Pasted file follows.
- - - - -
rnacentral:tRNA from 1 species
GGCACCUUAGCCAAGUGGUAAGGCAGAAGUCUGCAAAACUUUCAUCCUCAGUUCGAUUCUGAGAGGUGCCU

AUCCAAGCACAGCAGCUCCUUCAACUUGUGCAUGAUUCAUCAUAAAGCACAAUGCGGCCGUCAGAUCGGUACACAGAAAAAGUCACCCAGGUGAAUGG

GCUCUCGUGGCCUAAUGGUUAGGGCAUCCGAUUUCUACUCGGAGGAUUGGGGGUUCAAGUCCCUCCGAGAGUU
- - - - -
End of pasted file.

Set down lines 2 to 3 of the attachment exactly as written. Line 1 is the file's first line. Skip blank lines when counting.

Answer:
GGCACCUUAGCCAAGUGGUAAGGCAGAAGUCUGCAAAACUUUCAUCCUCAGUUCGAUUCUGAGAGGUGCCU

AUCCAAGCACAGCAGCUCCUUCAACUUGUGCAUGAUUCAUCAUAAAGCACAAUGCGGCCGUCAGAUCGGUACACAGAAAAAGUCACCCAGGUGAAUGG